Extinction: Our Fragile Relationship with Life on Earth (Hardcover)

Extinction: Our Fragile Relationship with Life on Earth By Marc Schlossman Cover Image

Extinction: Our Fragile Relationship with Life on Earth (Hardcover)


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Extinction explores endangered and extinct species and the factors threatening them through a behind-the-scenes lens on one of the most important sets of natural history collections in the world, at the Field Museum in Chicago.

Schlossman combines unique photographs of specimens from the Field Museum in Chicago with informative and insightful text about the species themselves, reasons for decline, and the conservation efforts in place to prevent further extinction.

The specimens revealed in this book are not on public display and the only way to see many of them is through these photographs, the result of ten years cataloguing key species from the museum’s zoology and botany collections. The images lead the reader to the species’ stories, promoting a greater understanding of mankind’s stewardship of life on Earth at a critical time in history.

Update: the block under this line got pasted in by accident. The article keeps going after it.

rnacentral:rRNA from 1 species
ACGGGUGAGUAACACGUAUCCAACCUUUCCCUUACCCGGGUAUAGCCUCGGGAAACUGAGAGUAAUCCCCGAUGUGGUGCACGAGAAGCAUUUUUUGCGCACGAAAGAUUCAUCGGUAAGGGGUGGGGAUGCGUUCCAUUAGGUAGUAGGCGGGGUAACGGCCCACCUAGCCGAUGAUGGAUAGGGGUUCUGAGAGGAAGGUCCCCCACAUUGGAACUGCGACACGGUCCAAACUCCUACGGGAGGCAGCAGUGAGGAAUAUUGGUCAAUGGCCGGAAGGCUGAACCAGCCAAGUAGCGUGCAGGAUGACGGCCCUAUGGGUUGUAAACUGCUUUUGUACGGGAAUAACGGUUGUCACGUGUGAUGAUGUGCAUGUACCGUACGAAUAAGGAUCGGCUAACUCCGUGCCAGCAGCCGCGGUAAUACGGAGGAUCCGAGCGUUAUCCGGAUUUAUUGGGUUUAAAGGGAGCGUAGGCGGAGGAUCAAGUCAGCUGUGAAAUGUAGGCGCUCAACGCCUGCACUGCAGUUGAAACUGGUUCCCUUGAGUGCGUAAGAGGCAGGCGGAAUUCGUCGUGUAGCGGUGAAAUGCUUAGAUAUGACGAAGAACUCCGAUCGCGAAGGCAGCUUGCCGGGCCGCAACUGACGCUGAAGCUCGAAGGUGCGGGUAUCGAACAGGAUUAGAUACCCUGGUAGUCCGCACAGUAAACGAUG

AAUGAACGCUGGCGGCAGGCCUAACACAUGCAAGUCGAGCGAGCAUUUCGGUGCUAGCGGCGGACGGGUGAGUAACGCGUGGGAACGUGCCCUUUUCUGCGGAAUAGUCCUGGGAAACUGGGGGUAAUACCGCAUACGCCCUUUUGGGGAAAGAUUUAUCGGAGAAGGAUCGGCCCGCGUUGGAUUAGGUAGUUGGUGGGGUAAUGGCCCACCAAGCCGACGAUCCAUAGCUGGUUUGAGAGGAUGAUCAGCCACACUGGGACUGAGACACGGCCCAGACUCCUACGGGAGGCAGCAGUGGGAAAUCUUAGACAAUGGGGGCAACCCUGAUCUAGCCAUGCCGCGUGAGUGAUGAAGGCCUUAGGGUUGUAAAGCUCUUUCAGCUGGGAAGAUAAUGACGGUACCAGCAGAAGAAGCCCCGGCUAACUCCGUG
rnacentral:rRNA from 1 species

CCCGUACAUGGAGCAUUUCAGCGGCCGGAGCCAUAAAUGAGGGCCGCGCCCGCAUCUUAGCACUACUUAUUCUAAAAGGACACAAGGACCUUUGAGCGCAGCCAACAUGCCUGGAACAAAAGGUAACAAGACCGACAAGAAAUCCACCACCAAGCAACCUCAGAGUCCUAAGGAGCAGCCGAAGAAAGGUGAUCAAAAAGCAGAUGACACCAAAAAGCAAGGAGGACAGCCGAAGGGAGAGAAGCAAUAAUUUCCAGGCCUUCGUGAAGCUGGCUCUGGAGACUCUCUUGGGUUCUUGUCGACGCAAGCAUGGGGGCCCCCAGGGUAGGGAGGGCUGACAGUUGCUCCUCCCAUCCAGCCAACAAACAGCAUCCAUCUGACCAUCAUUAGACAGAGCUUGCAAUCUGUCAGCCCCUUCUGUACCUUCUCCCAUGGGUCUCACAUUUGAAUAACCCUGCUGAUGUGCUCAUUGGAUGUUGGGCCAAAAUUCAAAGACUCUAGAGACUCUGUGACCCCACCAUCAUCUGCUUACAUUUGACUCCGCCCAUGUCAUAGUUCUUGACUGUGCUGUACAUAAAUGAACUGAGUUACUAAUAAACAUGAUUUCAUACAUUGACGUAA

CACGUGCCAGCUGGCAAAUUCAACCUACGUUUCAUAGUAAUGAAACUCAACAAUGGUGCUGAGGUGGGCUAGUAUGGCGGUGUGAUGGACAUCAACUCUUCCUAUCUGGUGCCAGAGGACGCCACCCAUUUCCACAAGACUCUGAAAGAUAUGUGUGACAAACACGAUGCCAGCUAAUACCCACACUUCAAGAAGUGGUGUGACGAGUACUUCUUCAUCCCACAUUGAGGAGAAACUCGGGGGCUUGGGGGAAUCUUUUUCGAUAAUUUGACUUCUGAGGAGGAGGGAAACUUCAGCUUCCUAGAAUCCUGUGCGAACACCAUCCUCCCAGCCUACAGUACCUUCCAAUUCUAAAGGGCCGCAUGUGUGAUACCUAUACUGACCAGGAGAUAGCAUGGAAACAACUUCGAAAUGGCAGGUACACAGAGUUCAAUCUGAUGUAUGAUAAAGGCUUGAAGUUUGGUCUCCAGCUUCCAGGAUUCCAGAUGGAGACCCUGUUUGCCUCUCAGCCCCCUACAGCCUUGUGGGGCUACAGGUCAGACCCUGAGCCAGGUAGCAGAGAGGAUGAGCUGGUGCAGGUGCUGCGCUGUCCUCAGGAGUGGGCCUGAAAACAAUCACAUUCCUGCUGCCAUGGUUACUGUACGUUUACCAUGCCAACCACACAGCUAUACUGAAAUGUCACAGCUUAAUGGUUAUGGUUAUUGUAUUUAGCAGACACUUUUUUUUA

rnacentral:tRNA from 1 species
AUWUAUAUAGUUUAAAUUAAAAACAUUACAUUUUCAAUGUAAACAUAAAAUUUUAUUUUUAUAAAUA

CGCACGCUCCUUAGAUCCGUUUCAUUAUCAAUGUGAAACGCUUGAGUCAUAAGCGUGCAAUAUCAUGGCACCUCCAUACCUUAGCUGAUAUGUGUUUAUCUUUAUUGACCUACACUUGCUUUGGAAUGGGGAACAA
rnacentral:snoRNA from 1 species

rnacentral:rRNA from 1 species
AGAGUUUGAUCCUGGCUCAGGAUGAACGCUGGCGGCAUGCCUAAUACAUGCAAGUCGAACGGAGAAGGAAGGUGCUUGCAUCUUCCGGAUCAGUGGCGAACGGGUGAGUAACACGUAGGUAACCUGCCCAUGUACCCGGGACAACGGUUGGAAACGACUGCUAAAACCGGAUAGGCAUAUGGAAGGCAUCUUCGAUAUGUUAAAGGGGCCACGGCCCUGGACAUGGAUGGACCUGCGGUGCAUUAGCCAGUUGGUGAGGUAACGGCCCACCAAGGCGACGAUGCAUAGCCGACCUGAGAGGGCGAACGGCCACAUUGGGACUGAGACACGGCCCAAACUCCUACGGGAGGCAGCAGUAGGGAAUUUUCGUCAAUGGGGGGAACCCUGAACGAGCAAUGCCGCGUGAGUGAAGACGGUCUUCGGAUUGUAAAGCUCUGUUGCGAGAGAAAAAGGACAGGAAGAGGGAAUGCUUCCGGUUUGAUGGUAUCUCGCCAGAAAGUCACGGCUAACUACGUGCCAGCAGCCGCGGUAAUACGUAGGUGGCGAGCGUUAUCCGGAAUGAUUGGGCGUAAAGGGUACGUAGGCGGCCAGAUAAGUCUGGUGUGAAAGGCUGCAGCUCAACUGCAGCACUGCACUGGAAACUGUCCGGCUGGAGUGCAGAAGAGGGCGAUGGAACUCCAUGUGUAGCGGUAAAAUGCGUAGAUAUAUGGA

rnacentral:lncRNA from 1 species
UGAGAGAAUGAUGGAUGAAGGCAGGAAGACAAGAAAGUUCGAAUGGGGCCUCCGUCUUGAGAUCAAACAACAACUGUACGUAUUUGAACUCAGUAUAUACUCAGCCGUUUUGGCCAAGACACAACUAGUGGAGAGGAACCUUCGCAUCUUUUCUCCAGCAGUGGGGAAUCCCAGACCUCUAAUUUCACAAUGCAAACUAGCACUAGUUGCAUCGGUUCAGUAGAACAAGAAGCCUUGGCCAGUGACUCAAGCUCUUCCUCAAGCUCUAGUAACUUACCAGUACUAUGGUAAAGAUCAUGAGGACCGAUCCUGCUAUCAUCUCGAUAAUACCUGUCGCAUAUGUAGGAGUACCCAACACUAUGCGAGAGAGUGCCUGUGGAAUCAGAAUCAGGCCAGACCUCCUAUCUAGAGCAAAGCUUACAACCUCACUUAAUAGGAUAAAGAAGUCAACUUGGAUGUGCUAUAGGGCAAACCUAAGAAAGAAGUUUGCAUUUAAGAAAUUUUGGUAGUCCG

Extinction illustrates the crucial importance of museum collections for conservation, education and research.

The book has been designed to have pages with black backgrounds for extinct species and white backgrounds for species nearing extinction. A yellow flag highlights conservation successes, which are interspersed throughout. The conservation success stories highlight the positive work that is happening and the potential there is to prevent the extinction of these and other species.
Marc Schlossman has a lifelong interest in ecology and photography. He grew up in Chicago, originally completing a BSc in Wildlife Biology at the University of Maine. His freelance photography career began in Boston in 1986, working for various newspapers and magazines.

Based in London since 1987, he has won numerous environmental photography awards, was co-founder, producer and curator of FrameZero Gallery and is co-photographer for two travel books. His work has been featured in The Sunday Times Magazine, The Washington Post, The London Telegraph and New Scientist Magazine.